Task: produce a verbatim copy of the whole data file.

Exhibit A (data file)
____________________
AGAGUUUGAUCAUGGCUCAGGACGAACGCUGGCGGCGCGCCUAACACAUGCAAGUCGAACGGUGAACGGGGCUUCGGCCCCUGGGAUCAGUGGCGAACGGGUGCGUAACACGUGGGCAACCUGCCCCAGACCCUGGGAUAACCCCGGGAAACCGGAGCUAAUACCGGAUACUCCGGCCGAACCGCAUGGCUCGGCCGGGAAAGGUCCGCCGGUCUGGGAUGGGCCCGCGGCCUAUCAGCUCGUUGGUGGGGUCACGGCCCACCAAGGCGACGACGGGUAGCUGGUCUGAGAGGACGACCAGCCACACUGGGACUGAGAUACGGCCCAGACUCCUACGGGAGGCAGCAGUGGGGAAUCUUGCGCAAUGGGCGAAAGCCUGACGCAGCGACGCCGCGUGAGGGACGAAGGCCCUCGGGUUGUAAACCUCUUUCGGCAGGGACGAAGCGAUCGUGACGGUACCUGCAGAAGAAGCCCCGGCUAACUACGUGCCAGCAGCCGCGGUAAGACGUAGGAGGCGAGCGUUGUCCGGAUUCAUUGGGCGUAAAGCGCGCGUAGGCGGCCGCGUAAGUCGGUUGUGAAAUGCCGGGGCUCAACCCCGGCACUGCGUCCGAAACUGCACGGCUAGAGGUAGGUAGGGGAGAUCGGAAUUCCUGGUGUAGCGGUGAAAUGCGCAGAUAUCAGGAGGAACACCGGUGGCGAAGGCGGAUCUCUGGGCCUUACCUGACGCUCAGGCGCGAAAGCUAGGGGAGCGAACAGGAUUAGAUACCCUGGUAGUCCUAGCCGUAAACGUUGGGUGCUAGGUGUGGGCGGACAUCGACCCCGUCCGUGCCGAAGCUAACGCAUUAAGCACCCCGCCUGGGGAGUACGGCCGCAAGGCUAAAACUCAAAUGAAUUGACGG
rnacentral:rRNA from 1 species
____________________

AGAGUUUGAUCAUGGCUCAGGACGAACGCUGGCGGCGCGCCUAACACAUGCAAGUCGAACGGUGAACGGGGCUUCGGCCCCUGGGAUCAGUGGCGAACGGGUGCGUAACACGUGGGCAACCUGCCCCAGACCCUGGGAUAACCCCGGGAAACCGGAGCUAAUACCGGAUACUCCGGCCGAACCGCAUGGCUCGGCCGGGAAAGGUCCGCCGGUCUGGGAUGGGCCCGCGGCCUAUCAGCUCGUUGGUGGGGUCACGGCCCACCAAGGCGACGACGGGUAGCUGGUCUGAGAGGACGACCAGCCACACUGGGACUGAGAUACGGCCCAGACUCCUACGGGAGGCAGCAGUGGGGAAUCUUGCGCAAUGGGCGAAAGCCUGACGCAGCGACGCCGCGUGAGGGACGAAGGCCCUCGGGUUGUAAACCUCUUUCGGCAGGGACGAAGCGAUCGUGACGGUACCUGCAGAAGAAGCCCCGGCUAACUACGUGCCAGCAGCCGCGGUAAGACGUAGGAGGCGAGCGUUGUCCGGAUUCAUUGGGCGUAAAGCGCGCGUAGGCGGCCGCGUAAGUCGGUUGUGAAAUGCCGGGGCUCAACCCCGGCACUGCGUCCGAAACUGCACGGCUAGAGGUAGGUAGGGGAGAUCGGAAUUCCUGGUGUAGCGGUGAAAUGCGCAGAUAUCAGGAGGAACACCGGUGGCGAAGGCGGAUCUCUGGGCCUUACCUGACGCUCAGGCGCGAAAGCUAGGGGAGCGAACAGGAUUAGAUACCCUGGUAGUCCUAGCCGUAAACGUUGGGUGCUAGGUGUGGGCGGACAUCGACCCCGUCCGUGCCGAAGCUAACGCAUUAAGCACCCCGCCUGGGGAGUACGGCCGCAAGGCUAAAACUCAAAUGAAUUGACGG
rnacentral:rRNA from 1 species